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Hazelwick School

Our shared vision:

For each and every student to achieve their maximum potential.

Careers Café..

In this article, we bring students, parents and carers information on careers and the world of work.   

Virtual Careers Interviews

We are delighted to let you know that we have started a programme of Virtual Careers Guidance Interviews, initially with students in Year 11.

The meeting will be with our careers advisor from the Education Development Trust,  Mrs Gibbs-Halbert and will take place via Zoom. Mrs Gibbs-Halbert will contact students on their school email account to confirm their meeting time. It is vital that students check their emails regularly to ensure that they don’t miss their invitation.

During the 30 minute careers meeting, students will be able to explore their career aspirations and discover the steps that they need to take to achieve their study and career goals. A careers action plan will be completed during the meeting and emailed to the student within one week of the meeting taking place.

Please contact your Head of Year Team, or Mrs Frost ( if you would like to request an appointment.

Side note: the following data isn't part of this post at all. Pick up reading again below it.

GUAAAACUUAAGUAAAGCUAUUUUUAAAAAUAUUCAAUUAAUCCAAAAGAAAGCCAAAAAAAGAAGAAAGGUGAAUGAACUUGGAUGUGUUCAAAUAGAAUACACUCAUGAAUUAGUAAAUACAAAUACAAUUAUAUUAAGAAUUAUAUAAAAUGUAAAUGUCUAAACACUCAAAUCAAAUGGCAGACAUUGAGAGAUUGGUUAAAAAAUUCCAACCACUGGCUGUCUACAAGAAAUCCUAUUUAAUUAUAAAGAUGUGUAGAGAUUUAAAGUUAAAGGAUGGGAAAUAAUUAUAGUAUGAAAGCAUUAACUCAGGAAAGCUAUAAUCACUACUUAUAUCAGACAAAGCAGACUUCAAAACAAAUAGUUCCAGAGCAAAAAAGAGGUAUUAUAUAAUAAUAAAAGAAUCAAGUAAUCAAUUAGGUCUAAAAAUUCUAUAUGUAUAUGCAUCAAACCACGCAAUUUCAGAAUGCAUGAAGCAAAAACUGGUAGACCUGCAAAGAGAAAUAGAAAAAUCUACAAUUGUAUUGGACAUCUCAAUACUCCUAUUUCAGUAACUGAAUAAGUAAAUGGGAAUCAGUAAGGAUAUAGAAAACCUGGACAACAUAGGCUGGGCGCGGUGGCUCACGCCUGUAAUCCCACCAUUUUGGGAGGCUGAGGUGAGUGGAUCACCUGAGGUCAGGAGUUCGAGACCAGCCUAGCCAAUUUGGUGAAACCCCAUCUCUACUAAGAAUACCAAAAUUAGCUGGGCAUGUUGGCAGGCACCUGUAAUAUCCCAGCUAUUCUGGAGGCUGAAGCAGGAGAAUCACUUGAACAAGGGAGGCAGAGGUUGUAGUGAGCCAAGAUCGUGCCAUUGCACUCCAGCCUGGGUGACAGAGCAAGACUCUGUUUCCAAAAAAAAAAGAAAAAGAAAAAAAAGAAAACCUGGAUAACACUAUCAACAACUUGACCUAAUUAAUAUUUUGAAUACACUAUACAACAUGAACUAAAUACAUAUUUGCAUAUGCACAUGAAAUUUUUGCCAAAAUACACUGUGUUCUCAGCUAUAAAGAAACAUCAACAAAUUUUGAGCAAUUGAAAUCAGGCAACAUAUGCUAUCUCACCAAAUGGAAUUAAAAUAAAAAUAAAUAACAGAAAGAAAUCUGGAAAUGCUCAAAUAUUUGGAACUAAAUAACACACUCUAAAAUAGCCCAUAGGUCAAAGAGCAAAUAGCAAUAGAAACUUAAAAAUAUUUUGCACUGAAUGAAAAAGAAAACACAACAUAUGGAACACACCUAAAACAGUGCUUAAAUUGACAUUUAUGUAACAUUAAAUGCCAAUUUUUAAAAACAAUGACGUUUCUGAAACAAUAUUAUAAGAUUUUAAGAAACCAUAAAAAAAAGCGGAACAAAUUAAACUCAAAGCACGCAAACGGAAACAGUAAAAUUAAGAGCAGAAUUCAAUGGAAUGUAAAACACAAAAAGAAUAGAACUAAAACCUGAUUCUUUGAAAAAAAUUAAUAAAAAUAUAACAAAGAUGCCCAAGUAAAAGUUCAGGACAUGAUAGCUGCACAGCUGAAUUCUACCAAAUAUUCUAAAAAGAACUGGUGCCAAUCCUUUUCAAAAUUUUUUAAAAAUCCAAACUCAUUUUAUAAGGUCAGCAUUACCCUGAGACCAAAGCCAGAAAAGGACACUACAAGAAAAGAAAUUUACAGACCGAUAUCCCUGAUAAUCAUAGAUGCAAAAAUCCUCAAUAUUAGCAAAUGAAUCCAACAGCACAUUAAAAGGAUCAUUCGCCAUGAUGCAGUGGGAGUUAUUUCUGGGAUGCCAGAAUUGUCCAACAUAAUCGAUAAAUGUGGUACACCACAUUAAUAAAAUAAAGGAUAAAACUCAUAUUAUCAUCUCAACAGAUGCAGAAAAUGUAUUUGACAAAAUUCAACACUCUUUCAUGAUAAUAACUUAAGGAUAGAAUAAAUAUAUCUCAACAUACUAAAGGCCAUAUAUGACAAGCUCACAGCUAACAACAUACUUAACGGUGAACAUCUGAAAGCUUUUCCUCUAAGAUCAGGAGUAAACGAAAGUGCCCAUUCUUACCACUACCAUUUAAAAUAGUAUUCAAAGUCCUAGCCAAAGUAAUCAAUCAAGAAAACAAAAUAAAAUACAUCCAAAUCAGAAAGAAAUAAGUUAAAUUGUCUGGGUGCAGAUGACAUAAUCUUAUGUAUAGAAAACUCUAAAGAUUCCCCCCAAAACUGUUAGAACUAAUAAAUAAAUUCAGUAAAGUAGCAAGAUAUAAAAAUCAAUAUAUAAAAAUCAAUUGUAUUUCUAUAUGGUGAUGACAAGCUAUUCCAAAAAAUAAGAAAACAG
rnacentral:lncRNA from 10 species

Virtual Employer Encounters - Half Term

Our careers partner Education Development Trust invited students to attend Virtual Employer Encounters sessions over half term.

The aim of the sessions was to give students the opportunity to hear first-hand from employers across the UK and learn more about working in a particular sector or job role. There were a wide variety of organisations and industries represented during the week. We hope that students who took advantage of this opportunity found it beneficial.

Monthly Key Skills Focus

Each month this year, we will focus on a different employability skill. These are the skills that you need for the world of work – and they are pretty important for life as well! By developing employability skills, you will improve your chances of getting a job and thriving in your career. There are lots of different ways to develop them – including in lessons or extracurricular activities at school, in a Saturday or holiday job, doing projects in your own time or work experience.

This month’s skill: Professionalism

As a school leaver, there's a chance that you've never really experienced being in a professional environment other than school. For this reason, employers often find younger job applicants a bit too laid back. When applying for jobs, it's important that you show that you have a professional approach to work and that you understand the importance of maintaining high standards. When you are communicating with an employer, be that in an email, on a telephone or video call, or during virtual work experience, make sure you do your best to come across as professional.  If you have a job interview, make the effort to look professional and dress the way that employees of that company would dress.

Hazelwick Alumni